Love Letters Alan Alda and Candice Bergen begin their limited run in the Broadway revival of A.R. Gurney’s Love Letters on November 9, taking over from Brian Dennehy and Carol Burnett. Directed by Gregory Mosher, the pair will appear at the Brooks Atkinson Theatre through December 5. They will be followed by casts of stars in strictly limited engagements that include Anjelica Huston, Stacy Keach, Diana Rigg and Martin Sheen. Love Letters is a funny and emotional portrait about the powerful connection of love. Two friends, rebellious Melissa Gardner and straight-arrow Andrew Makepeace Ladd III have exchanged notes, cards and letters with each other for over 50 years. From second grade, through summer vacations, to college, and well into adulthood, they have spent a lifetime discussing their hopes and ambitions, dreams and disappointments, and victories and defeats. But long after the letters are done, the real question remains: Have they made the right choices or is the love of their life only a letter away? The production has also previously starred Mia Farrow. Keach and Rigg will play December 6 through January 9, 2015. Huston and Sheen will then play January 10 through February 15. Related Shows Show Closed This production ended its run on Dec. 14, 2014 View Comments
Joint venture to build 500MW of wind and solar capacity in Bangladesh by 2023 FacebookTwitterLinkedInEmailPrint分享The Business Standard:Bangladesh-China Power Company Limited (BCPCL), a joint venture of North West Power Generation Company Ltd (NWPGCL) and China National Machinery Import and Export Corporation (CMC), is going to implement renewable energy projects with a target to generate 500 megawatts (MW) of electricity across the country by 2023.As part of the initiative, they signed a joint-venture agreement to form a company named Bangladesh-China Power Company Ltd (Renewable) on Tuesday.In the newly formed joint venture, NWPGCL and CMC will be investing equal amounts of capital. The authorised capital of the joint-venture company is Tk1,000 crore while the paid-up capital is Tk16 crore.BCPCL (Renewable) will implement three solar plants – Pabna 60MW, Sirajganj 100MW and Jamuna 125MW – and one wind plant. The wind plant with a capacity of 50MW has been planned to be set up in Payra of Patuakhali. Apart from these, solar and wind plants having 165MW capacity will be implemented in different areas of the country which are yet to be finalised.State Minister for Power, Energy and Mineral Resources Nasrul Hamid said the planned projects will help the government meet the target to generate 10 percent of energy from renewable sources.More: Bangladesh-China Power Company to implement 500MW renewable energy projects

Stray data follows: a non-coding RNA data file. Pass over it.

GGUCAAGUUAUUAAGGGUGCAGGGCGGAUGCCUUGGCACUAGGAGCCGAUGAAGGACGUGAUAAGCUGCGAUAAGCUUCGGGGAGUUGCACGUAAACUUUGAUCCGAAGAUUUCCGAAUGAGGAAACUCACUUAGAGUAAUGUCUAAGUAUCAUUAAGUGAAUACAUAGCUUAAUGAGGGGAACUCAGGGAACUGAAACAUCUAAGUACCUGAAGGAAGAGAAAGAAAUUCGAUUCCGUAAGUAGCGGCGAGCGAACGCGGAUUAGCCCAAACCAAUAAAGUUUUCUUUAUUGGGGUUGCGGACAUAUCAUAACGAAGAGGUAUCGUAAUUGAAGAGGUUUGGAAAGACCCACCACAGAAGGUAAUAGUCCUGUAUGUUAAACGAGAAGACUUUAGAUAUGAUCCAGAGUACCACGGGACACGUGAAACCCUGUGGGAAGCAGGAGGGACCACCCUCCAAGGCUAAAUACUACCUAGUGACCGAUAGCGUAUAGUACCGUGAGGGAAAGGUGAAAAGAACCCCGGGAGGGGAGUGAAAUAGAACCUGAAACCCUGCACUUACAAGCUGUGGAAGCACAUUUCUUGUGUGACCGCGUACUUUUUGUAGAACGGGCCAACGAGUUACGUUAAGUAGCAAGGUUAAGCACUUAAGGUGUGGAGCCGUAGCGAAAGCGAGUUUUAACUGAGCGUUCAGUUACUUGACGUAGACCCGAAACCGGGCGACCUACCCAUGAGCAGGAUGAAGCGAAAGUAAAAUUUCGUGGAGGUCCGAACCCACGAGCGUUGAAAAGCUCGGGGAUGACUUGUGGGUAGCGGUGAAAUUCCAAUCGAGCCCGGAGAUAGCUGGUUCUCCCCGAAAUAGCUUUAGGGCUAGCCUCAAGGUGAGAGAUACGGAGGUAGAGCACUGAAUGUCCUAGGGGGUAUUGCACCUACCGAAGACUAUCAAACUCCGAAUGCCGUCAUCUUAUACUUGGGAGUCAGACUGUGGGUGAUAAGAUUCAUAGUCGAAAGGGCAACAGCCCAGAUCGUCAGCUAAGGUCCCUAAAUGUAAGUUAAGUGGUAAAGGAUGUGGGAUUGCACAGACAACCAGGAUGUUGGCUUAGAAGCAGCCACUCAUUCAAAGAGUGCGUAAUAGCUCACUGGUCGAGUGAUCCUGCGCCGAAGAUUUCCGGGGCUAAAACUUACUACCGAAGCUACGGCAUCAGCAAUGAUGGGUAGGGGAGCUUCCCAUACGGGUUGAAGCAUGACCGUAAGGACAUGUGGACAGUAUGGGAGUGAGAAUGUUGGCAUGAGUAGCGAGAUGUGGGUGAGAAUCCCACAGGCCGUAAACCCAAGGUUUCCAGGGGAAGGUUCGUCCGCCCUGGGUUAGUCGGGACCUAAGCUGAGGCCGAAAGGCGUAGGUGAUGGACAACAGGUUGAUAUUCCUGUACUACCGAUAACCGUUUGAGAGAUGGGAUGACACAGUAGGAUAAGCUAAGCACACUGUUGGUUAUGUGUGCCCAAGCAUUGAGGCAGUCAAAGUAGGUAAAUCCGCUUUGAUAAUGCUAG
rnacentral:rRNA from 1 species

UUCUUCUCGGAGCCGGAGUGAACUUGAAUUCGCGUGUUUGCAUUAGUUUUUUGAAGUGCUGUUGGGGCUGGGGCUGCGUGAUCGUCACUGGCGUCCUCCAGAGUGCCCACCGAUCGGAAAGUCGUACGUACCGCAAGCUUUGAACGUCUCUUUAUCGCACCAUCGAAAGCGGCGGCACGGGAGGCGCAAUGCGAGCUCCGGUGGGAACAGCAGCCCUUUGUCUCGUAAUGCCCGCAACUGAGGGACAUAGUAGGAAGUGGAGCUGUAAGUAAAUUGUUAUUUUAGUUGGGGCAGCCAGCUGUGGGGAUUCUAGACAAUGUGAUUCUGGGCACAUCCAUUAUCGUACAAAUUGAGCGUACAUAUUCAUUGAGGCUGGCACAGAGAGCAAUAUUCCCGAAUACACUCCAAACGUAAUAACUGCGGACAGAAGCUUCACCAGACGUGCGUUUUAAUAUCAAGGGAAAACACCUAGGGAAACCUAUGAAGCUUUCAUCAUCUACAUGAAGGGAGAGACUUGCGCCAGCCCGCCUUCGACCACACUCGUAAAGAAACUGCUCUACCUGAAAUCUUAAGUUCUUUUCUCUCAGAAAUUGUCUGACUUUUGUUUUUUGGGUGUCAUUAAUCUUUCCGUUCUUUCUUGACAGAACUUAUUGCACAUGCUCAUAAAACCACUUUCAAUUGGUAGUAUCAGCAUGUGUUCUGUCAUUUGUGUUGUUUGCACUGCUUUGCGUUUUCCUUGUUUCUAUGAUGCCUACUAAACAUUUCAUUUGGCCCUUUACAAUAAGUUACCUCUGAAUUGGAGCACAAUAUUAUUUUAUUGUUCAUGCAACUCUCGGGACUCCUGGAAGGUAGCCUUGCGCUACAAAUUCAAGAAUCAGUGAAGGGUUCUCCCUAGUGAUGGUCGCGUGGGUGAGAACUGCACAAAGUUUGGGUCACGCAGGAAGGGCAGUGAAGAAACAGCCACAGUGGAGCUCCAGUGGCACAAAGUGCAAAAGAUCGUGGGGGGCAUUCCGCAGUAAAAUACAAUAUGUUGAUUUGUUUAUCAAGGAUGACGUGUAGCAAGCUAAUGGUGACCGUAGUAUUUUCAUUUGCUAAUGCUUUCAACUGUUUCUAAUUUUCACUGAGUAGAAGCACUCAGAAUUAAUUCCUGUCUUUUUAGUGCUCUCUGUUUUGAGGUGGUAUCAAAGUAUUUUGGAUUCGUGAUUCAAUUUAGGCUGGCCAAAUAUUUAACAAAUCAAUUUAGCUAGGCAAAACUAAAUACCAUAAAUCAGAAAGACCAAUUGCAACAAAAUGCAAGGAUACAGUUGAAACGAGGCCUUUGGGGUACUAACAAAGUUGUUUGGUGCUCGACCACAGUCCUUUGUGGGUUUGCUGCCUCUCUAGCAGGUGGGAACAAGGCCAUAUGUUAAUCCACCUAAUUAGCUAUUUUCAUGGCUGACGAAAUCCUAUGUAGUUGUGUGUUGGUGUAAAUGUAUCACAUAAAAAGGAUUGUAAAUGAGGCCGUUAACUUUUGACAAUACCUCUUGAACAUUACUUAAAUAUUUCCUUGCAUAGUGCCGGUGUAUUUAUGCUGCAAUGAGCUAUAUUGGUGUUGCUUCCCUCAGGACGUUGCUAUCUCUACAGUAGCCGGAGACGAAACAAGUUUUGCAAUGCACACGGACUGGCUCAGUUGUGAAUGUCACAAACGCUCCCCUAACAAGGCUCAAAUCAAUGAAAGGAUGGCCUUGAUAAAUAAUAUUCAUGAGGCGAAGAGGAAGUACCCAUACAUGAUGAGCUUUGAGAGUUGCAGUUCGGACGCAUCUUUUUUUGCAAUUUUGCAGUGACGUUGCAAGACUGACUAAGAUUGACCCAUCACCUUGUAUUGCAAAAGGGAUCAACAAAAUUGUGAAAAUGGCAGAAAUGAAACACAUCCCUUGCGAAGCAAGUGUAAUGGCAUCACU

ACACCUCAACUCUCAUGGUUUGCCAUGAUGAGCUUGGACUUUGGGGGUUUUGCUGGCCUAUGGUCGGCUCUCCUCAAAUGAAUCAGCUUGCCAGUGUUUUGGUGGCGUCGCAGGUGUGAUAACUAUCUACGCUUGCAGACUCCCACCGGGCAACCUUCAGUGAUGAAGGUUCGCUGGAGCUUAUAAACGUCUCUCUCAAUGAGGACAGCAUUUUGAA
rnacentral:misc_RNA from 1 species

In the 20th anniversary edition of the Blue Ridge Outdoors Magazine, Jordan Campbell (writer, filmmaker, and Marmot ambassador athlete) provided some stellar thoughts on what the next 20 years will hold for the outdoors at large. One comment spoke volumes about how stewards of the outdoors will be further encouraged to think and approach their existence:“The marriage of adventure with altruism will continue to play a more significant role in the 21st century. Giving back to underserved populations across the globe is part of a new moral imperative in the outdoor adventure space. It is no longer a sidebar activity for a dedicated few; rather it has become an end unto itself and part of the adventure space.”Let that sink in a bit. Being an outdoor enthusiast often invokes a strong sense of community. Issues that people in this community fight for and feel passionate about go far beyond the reach of any one individual. We collectively need each other to compete, protect wilderness, and navigate space in a multitude of forms. Outdoor adventure enthusiasts are some of the most committed people I’ve ever met. That can take shape in raising money and awareness for causes, training for races or events, creating fulfilling careers and businesses around their interests, or just getting outside and playing as much as possible. It’s a beautiful thing, and I live in an amazing area of Virginia that makes it easy.As much as I love my native land, I love to travel even more. When I plan trips, I always balance city time with outdoor/nature time. By doing this, my family and I get to experience contrasting cultures within any one country. As part of my upcoming trip planning, I have decided to try to make it a priority next year to visit a dear friend that currently lives in Tanzania, and of course I am coupling this with a race. I used to travel a lot more, and my family and I still try to go beyond U.S. borders at least once a year.With less time dedicated to travel, I have increasingly become calculated and introspective about what I want to get out of a trip. To Mr. Campbell’s point, this often leads to how I can give back/up/outward. Beyond visiting a good friend, and running an amazing race, Tanzania is quite unexpected for me as a travel destination. I thought we might take the kids on safari there when they are much older, but never imagined going to that region of the world so soon. My college roommate happens to be posted there through USAID, and I’m at a good place in life where this type of trip can really be meaningful. So I started to dig into that question: how meaningful and in what form?To a certain degree, I believe in fortuitous circumstances. My friend and I used to run a lot in college together, and over the years have supported each other in running via long distance encouragement: emails and phone calls asking about race results, discussing the challenges of post-partum running, relishing in the joy of getting out of the house for even 30 minutes when you have kids under the age of 5.When she moved to Tanzania, we jokingly kicked around the idea of running a race there together. Then I got to the point where I said, why not? I was doing well with my running and training, had joined the BRO athlete team and wanted to start a charitable initiative at my work, so it seemed feasible that this trip could happen. We talked about causes and organizations that I could try to support leading up to my trip, and running the Kilimanjaro marathon as the culmination of this effort. One of the causes we discussed is the maternal mortality rate in Tanzania.A few days later at work, our team was watching the latest Apple release, and Christy Turlington-Burns was on promoting her non-profit, Every Mother Counts (EMC). She had been the first person to use and wear an Apple Watch for training and racing…in the Kilimanjaro half marathon. It all clicked. I had a great trip to take to see an old friend, and now had learned about an established charity to support in my effort to give something back. This trip planning is still in its infancy (and TBD, though I do hope to be able to make it happen!), but I have since become a Running Ambassador for Every Mother Counts. I will be running at least four local races to raise funds and awareness for EMC, and welcome any others that want to run/walk in these races with me. You can reach me here!To come full circle, we do live in an area that makes our love of the outdoors and associated adventures easy to access and enjoy. Some others live in areas where this abundance of outdoor space and remoteness is a breaking point that can be the difference between life and death. For these mothers and mothers –to – be, “access” to the outdoors can kill. Many women live miles away from healthcare providers and facilities, with extremely limited access to transportation. Every Mother Counts uses running as a symbolic gesture to indicate that distance is a huge barrier for these women: “In some parts of the world, it’s not uncommon for women to travel as far as 26 miles to reach emergency care, even when in labor.” Without transportation, this is a huge hurdle. Every Mother Counts epitomizes the outdoor adventure community’s nuptials with altruism. It’s our turn and our privilege to give back. Won’t you come with me?